The University of Chicago Magazine

August 1997

Bloom in review

(Continued from previous page)

Despite many obstacles-the weighty topic, plus church services, not to mention hangovers and hook-ups-nearly the whole Saturday audience returned to the Ida Noyes theater for the conference's Sunday-morning session, "Nihilism, American Style?"-an eponymous look at the densest, most thoughtful, and least-read section of Bloom's book.

The final presenter, Robert Pippin, chair of the Committee on Social Thought, presented a focused description, much of it drowned out by the bells of Rockefeller Chapel, of the many provocative concepts attributed to Bloom that were not in his book-the inverse of Bloom's renowned genius for finding universal significance in his own particular experience.

Bloom's real concern, emphasized Pippin, was not about the science or technology or preprofessional faculties. It was not about the massive state multiversities or junior colleges or denominational schools, which have different sets of problems. It was not even about the purported "crisis" in education. It was about our incapacity to discuss or even recognize the peril, "to appreciate what a mess we are in."

Nor was the book, suggested Pippin, despite inspirational sales figures and imposing media attention, terribly influential. The real discussion of the state of the American universities, before and after Bloom, is "much more sociologically oriented," insisted Pippin. The current debate "is focused on such things as the effects of post-war expansion, the explosion of new universities in the '60s, and the much greater preprofessional and career-credentialling ethos created in universities by such expansion; changing social mores; the consequences of a collapsing secondary school system, itself occasioned by changing demographic and employment patterns; the results of competition for the prestige market and so access to those high tuitions; and the financial structure of that completely American institution, the private research university." Names like "Nietzsche and Heidegger, Weber and Freud," said Pippin, "don't often show up in such state-of-higher-education discussions."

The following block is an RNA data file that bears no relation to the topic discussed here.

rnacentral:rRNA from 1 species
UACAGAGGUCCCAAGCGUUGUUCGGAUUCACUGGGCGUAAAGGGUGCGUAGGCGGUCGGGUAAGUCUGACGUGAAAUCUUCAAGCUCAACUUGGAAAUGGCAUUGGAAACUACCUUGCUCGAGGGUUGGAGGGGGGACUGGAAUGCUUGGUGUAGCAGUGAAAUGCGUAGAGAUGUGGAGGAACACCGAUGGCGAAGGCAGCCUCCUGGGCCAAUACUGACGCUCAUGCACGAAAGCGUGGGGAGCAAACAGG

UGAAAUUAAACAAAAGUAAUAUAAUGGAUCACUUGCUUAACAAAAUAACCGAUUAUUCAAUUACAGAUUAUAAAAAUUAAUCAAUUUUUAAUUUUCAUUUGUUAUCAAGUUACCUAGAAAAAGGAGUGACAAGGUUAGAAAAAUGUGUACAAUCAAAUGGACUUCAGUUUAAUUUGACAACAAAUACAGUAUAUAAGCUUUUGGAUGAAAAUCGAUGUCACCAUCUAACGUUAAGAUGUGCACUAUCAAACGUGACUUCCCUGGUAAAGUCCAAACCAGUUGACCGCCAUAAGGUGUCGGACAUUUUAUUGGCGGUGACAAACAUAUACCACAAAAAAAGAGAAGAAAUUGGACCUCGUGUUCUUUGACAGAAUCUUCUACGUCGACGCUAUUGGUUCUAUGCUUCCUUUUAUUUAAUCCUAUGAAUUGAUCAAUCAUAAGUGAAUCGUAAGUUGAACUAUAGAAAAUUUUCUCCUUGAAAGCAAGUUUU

Final session chair Nathan Tarcov then opened the floor to global questions, challenges, even harangues, but the crowd seemed a bit talked out. Werner Dannhauser, a former Bloom colleague and now professor of political science at Michigan State, threatened to produce a harangue but concluded instead that, after ten years, he still thought Closing was a pretty good book. The conference's final question came from a man near the back, wearing a camel's hair coat, thick glasses, balding. After three days of discussion, he said, he had no better sense of what direction to take than at the beginning. Without a sense of where we are, he asked, "How can we know where we are going?"

In a sense, that question had been a starting point for Bloom. His take on where America's students were-and where they were going-ignited a firestorm in the academy. If, as Robert Pippin suggests, he was off target when it came to knowing the direction the debate would take, he was dead on in his ability to bring, and inspire others to bring, passion to their arguments. Which may be why, ten years later, the questions raised in The Closing of the American Mind remain entirely open.

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